UAlbany’s indoor and outdoor athletic facilities are among the most comprehensive in the Northeast. In 2012-2013, the University constructed a state-of-the-art 8,500 seat multi-sport complex for football and soccer; a brand new track and field venue; and a synthetic turf field designed for year-round recreational, intramural and club sport activities. Also in recent years, UAlbany built two all-weather athletic fields. John Fallon Field is home to the men's and women's lacrosse teams, and an adjacent surface known as Alumni Turf Field is home to field hockey, in addition to serving as a multi-use recreational field for UAlbany students.

The Great Danes’ indoor facilities are also top-notch. SEFCU Arena, the Physical Education Building, and an air-supported bubble are utilized for sporting and cultural activities. In addition, there are lighted tennis courts, racquetball/squash/handball courts, a swimming pool, a dance studio, and a fitness and weight training center. The Department of Athletics & Recreation is located in both the SEFCU Arena and the Physical Education Building, (518-442-DANE).


Division of Student Success

The Division of Student Affairs provides opportunities that support and direct student engagement and learning that take place outside the classroom in order to create a positive and healthy student experience. The departments within the Division of Student Affairs include: The Advocacy Center for Sexual Violence; Campus Center Management; Campus Recreation; Career and Professional Development; Community Standards; Counseling and Psychological Services; The Disability Resource Center; Five Quad Volunteer Ambulance Service; Intercultural Student Engagement; New Student Programs; Parent and Family Services; Residential Life; Student CARE Services; Student Health Services; and Student Involvement..

The Vice President for Student Affairs

The Vice President for Student Affairs has the responsibility for the leadership and administration of all the departments within the Division of Student Affairs and oversees all services, activities, and programs designed to promote a positive total educational experience for every student. The Office of the Vice President is located in University Hall and can be reached at (518) 956-8140.

The Advocacy Center for Sexual Violence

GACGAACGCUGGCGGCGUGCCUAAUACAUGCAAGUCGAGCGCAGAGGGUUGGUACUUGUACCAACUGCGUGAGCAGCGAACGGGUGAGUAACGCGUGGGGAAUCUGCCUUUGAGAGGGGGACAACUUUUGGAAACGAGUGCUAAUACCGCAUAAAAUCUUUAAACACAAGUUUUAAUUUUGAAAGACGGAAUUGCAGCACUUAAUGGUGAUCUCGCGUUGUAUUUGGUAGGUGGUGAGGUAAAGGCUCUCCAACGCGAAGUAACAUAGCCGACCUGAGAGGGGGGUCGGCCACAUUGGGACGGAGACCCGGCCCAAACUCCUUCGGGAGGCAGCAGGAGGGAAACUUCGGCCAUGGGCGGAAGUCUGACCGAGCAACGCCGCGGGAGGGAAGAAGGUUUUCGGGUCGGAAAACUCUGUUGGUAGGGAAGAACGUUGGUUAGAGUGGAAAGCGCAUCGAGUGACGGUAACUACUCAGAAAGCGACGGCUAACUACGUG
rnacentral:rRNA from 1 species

The Advocacy Center for Sexual Violence provides a dedicated space for student survivors, friends, and family members to seek compassionate support and advocacy services related to all forms of sexual violence including sexual assault, intimate partner and relationship violence, and stalking. The Advocacy Center provides a one-stop, safe and supportive environment for student survivors to get assistance from a staff dedicated to serve as their advocate to manage all of the services they may choose to help them heal. Services may include academic accommodations, residential accommodations, referrals for healthcare needs and counseling, and assistance in pursuing charges either criminally and/or through the campus conduct process. The Center staff also oversees a comprehensive sexual violence prevention education program.

In addition, the Center provides consultation, education and training to students, faculty and staff on a variety of sexual violence, general sexuality and sexual health issues. It is the home of the Project SHAPE: Sexual Health and Peer Education program.  

Project SHAPE: Sexual Health and Peer Education program is comprised of students who volunteer their time to educate their peers on sexuality, sexual health and sexual violence. They conduct more than 100 educational programs and exhibits each year in academic courses, residence halls, and for student groups. In addition, Project SHAPE presents a number of large-scale theme events such as the annual World AIDS Week, Domestic Violence Awareness Month, Sex Sense Week and Sexual Assault Awareness Month. Members complete two semester-long training courses in human sexuality and conduct programs on a variety of sexuality topics such as preventing HIV/AIDS and other sexually transmitted infections, contraception, sexual orientation, gender identity, healthy relationships, communication with a partner, sexual violence prevention and consent. In addition, Project SHAPE is involved in community service by facilitating programs at local high schools and after school programs in the Capital Region. Project SHAPE is under the direction of The Advocacy Center for Sexual Violence. For more information about Project SHAPE, go to or call (518) 442-CARE (2273).

Campus Center Management

The Campus Center is the hub of University activity. Student service offices, meeting facilities, student government, as well as dining operations and the University Bookstore, make this a popular destination for the University community and the center of daily campus life. The Campus Center also hosts and facilitates an extensive schedule of meetings, programs, and special events involving both the University and local communities. It is a site for recreational activities and the primary site for University Programming's many activities.

The Campus Center is undergoing exciting changes! The construction project currently underway will renovate and build nearly 125,000 square feet of modern and expanded facilities. Several technologically enriched meeting rooms and an auditorium will expand the venues available for social, cultural and educational events and expand the focal point for student leadership and engagement. When completed in the late spring of 2017, the Campus Center will also host over 20 food venues, with several international menus, healthy selections and, of course, good old comfort foods.